Creating the HTML list

<li><a href="#one">One</a></li>
<li><a href="#two">Two</a></li>
<li><a href="#three">Three</a></li>


Set the unordered list’s margin and padding to 0, and remove any bullet points that might appear.

ul {
margin: 0;
padding: 0;
list-style-type: 0;

To create the horizontal list, set the list items to display inline. Add the bullet image using background-image (I’m hosting an example bullet on Imgur for now), set to no-repeat, position it using background-position, and give it a left margin:

li { 
    display: inline;
    background-image: url(;
    background-repeat: no-repeat;
    background-position: 0 .4em;
    padding-left: .6em;

Click here for a JSFiddle demo

Optimizing performance in PhoneGap

PhoneGap is an open-source application framework designed to bridge the gap between multiple mobile development devices. The result is an efficient and simple way to create hybrid mobile apps with a common codebase.

Developers create the HTML, CSS, and JavaScript files, and PhoneGap (powered by Apache Cordova) creates the rest.

One common issue that arises with PhoneGap (and other broad application frameworks) is related to its performance.

Some tips to increase performance include:

Removing (JQuery) animations

Transistions and animiations have a considerable effect an app’s performance. One alternative to JQuery animations is pure CSS animations. By default, 3D CSS animations will be hardware accelerated, but you can force hardware acceleration on 2D animations by adding this CSS rule:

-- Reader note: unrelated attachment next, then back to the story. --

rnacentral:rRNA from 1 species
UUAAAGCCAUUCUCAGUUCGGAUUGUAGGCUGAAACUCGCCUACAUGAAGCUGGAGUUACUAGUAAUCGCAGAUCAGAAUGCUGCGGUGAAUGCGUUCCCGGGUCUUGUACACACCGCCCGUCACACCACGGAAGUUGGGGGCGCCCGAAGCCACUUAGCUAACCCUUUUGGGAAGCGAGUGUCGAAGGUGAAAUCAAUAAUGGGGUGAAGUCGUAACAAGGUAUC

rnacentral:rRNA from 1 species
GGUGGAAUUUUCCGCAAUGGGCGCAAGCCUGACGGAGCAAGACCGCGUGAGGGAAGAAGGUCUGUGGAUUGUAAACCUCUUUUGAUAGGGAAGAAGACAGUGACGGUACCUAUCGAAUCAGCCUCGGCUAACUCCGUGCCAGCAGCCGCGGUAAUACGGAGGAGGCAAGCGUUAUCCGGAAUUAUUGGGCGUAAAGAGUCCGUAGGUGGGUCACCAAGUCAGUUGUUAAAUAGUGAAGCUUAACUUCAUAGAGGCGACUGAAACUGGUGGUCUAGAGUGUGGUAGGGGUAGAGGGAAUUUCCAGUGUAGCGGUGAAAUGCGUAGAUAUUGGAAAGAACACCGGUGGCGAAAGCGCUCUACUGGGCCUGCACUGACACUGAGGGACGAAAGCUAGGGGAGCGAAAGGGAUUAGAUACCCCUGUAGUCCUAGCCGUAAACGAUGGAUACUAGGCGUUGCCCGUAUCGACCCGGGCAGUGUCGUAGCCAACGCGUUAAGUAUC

-webkit-transform: translate3d(0,0,0);
transform: translate3d(0,0,0);

Ajax loading

Favouring Ajax loading will reduce the stress on the processor. If you prefer otherwise, I suggest using the great HTML5 feature ‘prefetch’ to silently load pages before a user requests them:

link rel="prefetch" href="" /

Consider some external libraries, but avoid JQueryMobile

JQueryMobile has a bad reputation at the moment. It’s large, bloated and slow, and the documentation isn’t great. An alternative to JQM is Sencha Touch. Unlike JQM, Sencha is not designed to work on both desktop and mobile, which makes the library smaller and more optimized for mobile devices. One thing to note about Sencha is that it is not free, so you should expect initial expenses when developing your app with Sencha.

Note: For a great Sencha + Phonegap guide, see here.

Another useful library I can recommend is FastClick. This will remove the horrible 300ms delay (used to detect double tabs) when pressing a button, following a link, changing pages etc. It will make the application feel a lot smoother.